an upright bar, beam, post, or support, as in a window, stall, ship, etc.
verb (used with object)
to furnish with stanchions.
to secure by or to a stanchion or stanchions.

1375–1425; late Middle English stanchon < Old French estanchon, equivalent to estanche (variant of estance, probably < Vulgar Latin *stantia, equivalent to Latin stant- (stem of stāns), present participle of stāre to stand + -ia -y3) + -on noun suffix Unabridged
Based on the Random House Dictionary, © Random House, Inc. 2014.
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World English Dictionary
stanchion (ˈstɑːnʃən)
1.  any vertical pole, rod, etc, used as a support
2.  (tr) to provide or support with a stanchion or stanchions
[C14: from Old French estanchon, from estance, from Vulgar Latin stantia (unattested) a standing, from Latin stāre to stand]

Collins English Dictionary - Complete & Unabridged 10th Edition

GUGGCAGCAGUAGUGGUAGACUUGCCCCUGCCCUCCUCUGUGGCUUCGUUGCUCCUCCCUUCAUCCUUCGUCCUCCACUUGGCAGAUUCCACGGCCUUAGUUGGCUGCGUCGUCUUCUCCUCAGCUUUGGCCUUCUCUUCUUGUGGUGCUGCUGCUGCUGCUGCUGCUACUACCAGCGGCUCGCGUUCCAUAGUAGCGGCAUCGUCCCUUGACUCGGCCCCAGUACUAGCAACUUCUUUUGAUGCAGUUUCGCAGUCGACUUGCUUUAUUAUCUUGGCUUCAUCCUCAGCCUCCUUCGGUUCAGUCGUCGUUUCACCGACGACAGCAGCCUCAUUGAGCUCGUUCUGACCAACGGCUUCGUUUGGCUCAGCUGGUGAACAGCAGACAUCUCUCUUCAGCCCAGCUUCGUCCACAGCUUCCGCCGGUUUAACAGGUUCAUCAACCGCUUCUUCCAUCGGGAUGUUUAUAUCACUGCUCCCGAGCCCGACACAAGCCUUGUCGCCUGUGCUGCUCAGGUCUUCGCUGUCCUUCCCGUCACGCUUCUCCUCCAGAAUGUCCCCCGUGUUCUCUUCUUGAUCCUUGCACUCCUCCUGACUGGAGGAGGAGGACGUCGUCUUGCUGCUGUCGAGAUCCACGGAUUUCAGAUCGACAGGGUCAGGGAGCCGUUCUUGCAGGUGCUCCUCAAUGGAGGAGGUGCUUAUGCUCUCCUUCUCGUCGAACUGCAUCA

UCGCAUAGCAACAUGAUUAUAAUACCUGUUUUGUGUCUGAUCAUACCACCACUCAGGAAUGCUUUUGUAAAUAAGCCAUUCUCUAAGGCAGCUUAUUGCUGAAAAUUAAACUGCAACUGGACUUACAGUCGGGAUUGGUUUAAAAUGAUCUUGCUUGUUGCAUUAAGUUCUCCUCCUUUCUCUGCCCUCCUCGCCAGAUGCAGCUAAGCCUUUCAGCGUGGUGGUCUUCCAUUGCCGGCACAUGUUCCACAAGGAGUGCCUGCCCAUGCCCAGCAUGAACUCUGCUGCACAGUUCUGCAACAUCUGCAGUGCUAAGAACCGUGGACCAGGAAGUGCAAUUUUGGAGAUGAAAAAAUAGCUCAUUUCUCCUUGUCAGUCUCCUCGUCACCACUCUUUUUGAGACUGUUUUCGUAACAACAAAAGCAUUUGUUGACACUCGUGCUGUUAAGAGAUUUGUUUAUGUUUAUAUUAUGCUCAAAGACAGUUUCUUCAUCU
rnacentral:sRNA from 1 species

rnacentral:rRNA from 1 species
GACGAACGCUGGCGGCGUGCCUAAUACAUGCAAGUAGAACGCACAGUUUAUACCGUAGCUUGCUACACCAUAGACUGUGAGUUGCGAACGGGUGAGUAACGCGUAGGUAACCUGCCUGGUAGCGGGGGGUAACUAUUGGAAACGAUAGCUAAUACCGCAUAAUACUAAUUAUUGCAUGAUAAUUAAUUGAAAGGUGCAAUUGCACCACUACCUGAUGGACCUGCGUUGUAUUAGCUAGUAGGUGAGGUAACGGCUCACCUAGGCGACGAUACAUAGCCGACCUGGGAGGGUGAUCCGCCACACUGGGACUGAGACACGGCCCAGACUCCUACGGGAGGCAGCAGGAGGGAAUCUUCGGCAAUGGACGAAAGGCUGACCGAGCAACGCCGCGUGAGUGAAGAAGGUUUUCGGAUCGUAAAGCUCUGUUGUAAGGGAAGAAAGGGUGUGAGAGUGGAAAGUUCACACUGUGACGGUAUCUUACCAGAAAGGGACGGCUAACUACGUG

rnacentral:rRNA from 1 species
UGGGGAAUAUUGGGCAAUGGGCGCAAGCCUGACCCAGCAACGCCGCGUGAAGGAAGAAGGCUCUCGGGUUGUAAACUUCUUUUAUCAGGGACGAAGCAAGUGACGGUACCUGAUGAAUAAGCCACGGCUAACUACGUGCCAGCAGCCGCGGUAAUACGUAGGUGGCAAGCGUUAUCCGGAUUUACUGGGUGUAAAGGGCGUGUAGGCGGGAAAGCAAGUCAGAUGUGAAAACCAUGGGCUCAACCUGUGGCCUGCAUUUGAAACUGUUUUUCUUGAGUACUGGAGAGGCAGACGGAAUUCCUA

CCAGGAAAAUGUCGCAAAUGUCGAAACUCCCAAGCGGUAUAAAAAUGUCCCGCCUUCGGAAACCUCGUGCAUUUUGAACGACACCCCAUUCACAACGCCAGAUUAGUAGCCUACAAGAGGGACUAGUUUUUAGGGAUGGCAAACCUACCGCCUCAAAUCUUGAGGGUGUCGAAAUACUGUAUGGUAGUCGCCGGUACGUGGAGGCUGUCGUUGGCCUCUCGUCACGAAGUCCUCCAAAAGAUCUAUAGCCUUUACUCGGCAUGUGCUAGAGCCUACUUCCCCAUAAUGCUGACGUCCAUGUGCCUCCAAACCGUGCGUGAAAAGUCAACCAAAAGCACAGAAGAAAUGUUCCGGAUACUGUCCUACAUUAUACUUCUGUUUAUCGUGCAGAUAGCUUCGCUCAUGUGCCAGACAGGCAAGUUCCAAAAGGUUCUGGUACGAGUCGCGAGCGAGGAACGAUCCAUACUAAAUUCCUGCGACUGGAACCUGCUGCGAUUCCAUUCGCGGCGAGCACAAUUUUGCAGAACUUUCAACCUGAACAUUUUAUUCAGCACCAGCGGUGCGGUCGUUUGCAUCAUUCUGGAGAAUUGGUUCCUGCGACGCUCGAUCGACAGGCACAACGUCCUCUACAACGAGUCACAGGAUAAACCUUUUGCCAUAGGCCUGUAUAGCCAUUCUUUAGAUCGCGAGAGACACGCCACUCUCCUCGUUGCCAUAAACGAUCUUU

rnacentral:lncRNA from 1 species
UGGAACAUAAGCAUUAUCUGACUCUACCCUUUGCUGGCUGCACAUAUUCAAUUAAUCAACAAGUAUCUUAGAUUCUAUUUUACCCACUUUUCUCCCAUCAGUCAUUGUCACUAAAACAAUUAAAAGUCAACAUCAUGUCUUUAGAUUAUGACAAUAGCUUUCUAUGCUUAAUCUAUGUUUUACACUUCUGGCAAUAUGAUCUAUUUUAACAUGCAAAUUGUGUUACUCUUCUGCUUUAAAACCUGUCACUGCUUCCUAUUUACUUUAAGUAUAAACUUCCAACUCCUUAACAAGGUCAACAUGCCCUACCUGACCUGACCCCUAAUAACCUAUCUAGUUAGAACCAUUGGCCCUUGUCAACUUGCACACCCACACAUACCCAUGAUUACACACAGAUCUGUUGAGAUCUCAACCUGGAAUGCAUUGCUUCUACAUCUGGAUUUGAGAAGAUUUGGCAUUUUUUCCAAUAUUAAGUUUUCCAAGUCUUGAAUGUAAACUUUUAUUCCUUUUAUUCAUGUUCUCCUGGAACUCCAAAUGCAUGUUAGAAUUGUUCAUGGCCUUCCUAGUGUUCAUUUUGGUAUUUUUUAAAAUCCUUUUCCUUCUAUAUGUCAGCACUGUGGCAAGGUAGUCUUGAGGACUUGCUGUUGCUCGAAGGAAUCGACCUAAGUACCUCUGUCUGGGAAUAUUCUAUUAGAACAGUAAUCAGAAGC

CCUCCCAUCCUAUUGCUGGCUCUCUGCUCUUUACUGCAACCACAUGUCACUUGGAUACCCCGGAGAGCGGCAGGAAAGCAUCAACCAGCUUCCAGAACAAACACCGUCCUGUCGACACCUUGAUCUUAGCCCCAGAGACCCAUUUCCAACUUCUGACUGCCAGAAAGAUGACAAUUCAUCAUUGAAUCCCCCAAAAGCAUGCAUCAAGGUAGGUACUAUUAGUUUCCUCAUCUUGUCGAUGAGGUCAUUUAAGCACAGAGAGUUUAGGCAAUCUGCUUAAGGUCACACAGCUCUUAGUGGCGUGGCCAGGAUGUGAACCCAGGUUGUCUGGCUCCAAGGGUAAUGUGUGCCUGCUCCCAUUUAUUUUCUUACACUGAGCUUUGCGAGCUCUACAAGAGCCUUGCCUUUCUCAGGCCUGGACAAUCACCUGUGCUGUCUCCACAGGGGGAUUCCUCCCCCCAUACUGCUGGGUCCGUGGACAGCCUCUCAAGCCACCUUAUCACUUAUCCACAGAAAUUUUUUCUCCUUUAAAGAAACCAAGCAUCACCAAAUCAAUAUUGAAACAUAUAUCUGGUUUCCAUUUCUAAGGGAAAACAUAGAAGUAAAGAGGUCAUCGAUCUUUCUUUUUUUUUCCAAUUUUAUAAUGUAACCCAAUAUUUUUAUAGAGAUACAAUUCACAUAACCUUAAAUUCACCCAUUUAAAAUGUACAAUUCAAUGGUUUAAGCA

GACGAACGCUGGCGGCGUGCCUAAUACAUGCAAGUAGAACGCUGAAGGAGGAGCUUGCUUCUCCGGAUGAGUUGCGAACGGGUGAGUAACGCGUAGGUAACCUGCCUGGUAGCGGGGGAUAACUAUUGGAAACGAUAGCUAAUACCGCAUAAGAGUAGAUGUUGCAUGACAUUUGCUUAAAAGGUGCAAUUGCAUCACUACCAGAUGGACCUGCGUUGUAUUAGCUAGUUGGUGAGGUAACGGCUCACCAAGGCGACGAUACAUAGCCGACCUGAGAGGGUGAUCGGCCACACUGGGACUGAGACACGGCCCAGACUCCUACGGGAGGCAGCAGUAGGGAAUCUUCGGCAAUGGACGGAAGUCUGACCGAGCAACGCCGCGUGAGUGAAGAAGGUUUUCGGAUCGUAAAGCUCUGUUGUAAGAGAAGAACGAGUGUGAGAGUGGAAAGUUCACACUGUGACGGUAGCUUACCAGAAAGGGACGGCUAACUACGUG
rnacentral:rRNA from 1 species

2009 © William Collins Sons & Co. Ltd. 1979, 1986 © HarperCollins
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Word Origin & History

mid-14c., from O.Fr. estanchon "prop, brace, support" (Fr. étançon), probably from estant "upright," from prp. of ester "be upright, stand," from L. stare "to stand," from PIE base *sta- "to stand" (see stet).
Online Etymology Dictionary, © 2010 Douglas Harper
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Example sentences
Be attached to stanchions such that pulling on one section of chain will not
  take up slack in the other sections.
Metal stanchions hold collapsible stretchers fitted with heart monitors.
For space purposes, the amendment counts only the ground touched by the
  stanchions holding up the pipe.
Since last month, pile drivers have sunk dozens of steel stanchions deep into
  the sandy loam next door.
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